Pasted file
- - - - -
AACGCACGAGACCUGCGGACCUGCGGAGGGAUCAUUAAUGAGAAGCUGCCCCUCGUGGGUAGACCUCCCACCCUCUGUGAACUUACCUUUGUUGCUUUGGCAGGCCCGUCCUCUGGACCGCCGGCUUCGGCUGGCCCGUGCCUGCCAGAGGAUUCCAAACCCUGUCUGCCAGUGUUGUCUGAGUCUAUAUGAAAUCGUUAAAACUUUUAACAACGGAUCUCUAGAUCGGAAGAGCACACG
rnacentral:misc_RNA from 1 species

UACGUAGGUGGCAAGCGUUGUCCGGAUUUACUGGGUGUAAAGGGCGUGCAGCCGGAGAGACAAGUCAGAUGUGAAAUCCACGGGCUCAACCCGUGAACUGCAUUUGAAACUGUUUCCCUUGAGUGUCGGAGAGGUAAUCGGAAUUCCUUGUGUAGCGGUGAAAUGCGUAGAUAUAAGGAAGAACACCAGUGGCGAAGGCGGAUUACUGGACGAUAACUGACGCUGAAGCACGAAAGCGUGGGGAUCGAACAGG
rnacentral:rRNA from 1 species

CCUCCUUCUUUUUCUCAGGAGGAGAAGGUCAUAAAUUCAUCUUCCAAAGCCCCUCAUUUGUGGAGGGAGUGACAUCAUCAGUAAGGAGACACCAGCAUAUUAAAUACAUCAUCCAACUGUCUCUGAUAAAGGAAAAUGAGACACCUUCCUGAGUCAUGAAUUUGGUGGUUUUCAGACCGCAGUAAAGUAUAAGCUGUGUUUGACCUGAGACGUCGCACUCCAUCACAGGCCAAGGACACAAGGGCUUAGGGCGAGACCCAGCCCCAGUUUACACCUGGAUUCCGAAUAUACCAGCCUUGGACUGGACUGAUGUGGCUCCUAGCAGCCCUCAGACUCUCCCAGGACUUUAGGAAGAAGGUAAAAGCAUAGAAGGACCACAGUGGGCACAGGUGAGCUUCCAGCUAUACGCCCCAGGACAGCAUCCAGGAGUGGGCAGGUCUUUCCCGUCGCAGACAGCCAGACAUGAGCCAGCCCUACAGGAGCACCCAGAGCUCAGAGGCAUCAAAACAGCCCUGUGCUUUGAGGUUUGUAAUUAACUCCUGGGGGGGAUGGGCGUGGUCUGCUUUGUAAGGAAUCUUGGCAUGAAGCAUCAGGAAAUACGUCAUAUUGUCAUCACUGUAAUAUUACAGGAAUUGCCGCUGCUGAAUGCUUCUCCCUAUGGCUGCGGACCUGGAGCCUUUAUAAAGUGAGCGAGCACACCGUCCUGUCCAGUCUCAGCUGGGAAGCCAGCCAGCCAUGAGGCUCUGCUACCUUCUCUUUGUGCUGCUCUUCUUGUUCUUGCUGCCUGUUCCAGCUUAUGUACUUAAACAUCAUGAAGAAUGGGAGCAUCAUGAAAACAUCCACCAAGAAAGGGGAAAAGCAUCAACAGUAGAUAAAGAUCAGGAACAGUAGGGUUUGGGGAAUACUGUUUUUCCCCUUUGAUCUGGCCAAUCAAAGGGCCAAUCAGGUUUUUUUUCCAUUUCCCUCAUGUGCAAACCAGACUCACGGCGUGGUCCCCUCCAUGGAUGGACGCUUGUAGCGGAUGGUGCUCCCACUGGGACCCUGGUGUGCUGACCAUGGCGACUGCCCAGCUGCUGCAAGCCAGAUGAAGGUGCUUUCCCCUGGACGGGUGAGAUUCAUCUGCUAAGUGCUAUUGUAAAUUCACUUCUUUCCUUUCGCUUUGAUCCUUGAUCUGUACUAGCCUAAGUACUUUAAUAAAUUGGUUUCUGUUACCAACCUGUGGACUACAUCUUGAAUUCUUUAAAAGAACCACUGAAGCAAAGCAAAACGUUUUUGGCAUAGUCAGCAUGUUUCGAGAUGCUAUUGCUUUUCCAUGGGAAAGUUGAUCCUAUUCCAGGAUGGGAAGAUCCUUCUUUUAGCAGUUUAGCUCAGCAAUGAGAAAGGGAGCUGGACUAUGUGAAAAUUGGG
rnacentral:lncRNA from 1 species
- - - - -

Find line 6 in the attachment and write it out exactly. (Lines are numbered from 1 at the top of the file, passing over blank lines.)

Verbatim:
rnacentral:lncRNA from 1 species